This is quoted from Daniel V Schroeder's Thermal Physics:

It's interesting to think about why the slow compression of a gas doesn't change its entropy to increase. One way to think about it is to imagine that the molecules in the gas inhabit various quantum-mechanical wavefunctions, each filling the entire box with discrete energy levels. When you compress the gas, each wavefunction gets squeezed, so the energies of all the levels increase, and each molecule's energy increases accordingly. But if the compression is sufficiently slow, molecules will not be kicked up into higher energy levels; a molecule that starts in the $n$th level remains in the $n$th level (although the energy of the level increases). Thus the number of ways of arranging the molecules among various energy levels will remain the same, that is, the muliplicity and entropy do not change. On the other hand, if the compression is violent enough to kick molecules up in the higher levels, then the number of possible arrangements will increase and so will the entropy.

I've some queries on the above explanation of Schroeder:

$\bullet$ Why does squeezing the wavefunction increase the energies of each energy-level?

$\bullet$ The molecule was in $n$th state prior to compression; how did the molecule remain in the same $n$th state after compression also even if work was done on the system/

$\bullet$ Why is the molecule not kicked up to higher energy level when the compression was slow? Why did the violent compression work otherwise?


1 Answer 1

  1. Squeezing the wavefunction means confining it to a smaller space. It takes more energy to confine something within a small space than within a big one.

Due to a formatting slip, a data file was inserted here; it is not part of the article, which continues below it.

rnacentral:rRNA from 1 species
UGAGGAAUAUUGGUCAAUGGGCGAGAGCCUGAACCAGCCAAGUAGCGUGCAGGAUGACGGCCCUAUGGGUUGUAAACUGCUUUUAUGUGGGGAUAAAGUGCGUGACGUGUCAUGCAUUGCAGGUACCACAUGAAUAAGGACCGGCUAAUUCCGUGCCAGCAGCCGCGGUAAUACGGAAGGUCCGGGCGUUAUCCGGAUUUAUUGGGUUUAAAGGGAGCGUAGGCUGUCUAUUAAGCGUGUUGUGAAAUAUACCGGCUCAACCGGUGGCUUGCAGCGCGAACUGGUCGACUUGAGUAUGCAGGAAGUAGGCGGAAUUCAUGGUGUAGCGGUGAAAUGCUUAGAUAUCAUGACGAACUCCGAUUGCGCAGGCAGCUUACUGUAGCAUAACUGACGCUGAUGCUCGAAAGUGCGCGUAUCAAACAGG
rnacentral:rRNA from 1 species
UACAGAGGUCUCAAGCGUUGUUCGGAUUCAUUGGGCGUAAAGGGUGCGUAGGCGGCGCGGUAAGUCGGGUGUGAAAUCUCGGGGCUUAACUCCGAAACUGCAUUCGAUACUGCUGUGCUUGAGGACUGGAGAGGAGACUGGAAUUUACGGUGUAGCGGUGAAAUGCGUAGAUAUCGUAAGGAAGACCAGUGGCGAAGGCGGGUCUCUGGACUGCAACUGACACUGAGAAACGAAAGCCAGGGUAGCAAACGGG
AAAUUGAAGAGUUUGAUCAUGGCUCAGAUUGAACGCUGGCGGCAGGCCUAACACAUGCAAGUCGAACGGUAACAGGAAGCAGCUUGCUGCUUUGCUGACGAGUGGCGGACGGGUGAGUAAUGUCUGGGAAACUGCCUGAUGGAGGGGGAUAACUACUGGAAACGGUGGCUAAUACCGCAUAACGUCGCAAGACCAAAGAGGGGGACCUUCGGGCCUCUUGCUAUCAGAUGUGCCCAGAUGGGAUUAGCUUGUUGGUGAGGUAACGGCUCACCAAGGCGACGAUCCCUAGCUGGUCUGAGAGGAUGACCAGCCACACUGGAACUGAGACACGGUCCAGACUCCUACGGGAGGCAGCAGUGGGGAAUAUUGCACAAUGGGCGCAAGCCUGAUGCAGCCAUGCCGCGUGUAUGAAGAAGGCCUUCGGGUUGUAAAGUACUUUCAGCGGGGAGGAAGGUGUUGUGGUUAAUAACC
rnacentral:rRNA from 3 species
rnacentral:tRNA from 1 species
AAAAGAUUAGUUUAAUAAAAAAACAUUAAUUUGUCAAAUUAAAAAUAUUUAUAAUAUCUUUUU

2, 3: These are consequences of the quantum adiabatic theorem: if you take a system in state $n$ of some system, and act on the system sufficiently slowly, it ends up still in state $n$ of the new system.

Roughly speaking, if the compression is very slow, the system and the particle remain "in equilibrium" at all times. The energy being fed into the system is thus fed into the particle in just the right way to hold it at a given energy level. Slightly more correctly, the decay-timescale of the particle is fast compared to the compression timescale, so it is "perpetually decayed".

EDIT: The above is not really an adequate picture for isolated systems; see Are stationary quantum states attractors?.

In the opposite limit, when the perturbation is instantaneous, the system doesn't have time to decay at all, and its functional form doesn't change (until after the perturbation). For the particle in a box, the energy levels are $$E_n = \frac{n^2 h^2}{2mL^2}.$$ Instantaneously shrinking $L$ holds $E$ constant, so $n$ must increase. Thus the molecule is 'kicked up'.

Here's a classical analogy: you have a bunch of atoms bouncing around in a box. If you suddenly shrink the box, the atoms don't have time to notice right away. They at first have the same kinetic energy as before, but are out of equilibrium. While settling to equilibrium they will release entropy.

If you shrink the box really slowly, the atoms are continuously fed kinetic energy from the walls and remain always in equilibrium. No entropy is released.

  • 2
    $\begingroup$ For more information, Wikipedia does a reasonable job at this with a nice animation of an adiabatically changing harmonic oscillator: en.wikipedia.org/wiki/Adiabatic_theorem $\endgroup$
    – Rococo
    Nov 11, 2015 at 21:21
  • $\begingroup$ @AGML I think you meant instantaneously enlarging $L$? Otherwise it doesn't make sense why $n$ must increase. $\endgroup$
    – Praan
    Nov 12, 2015 at 1:12

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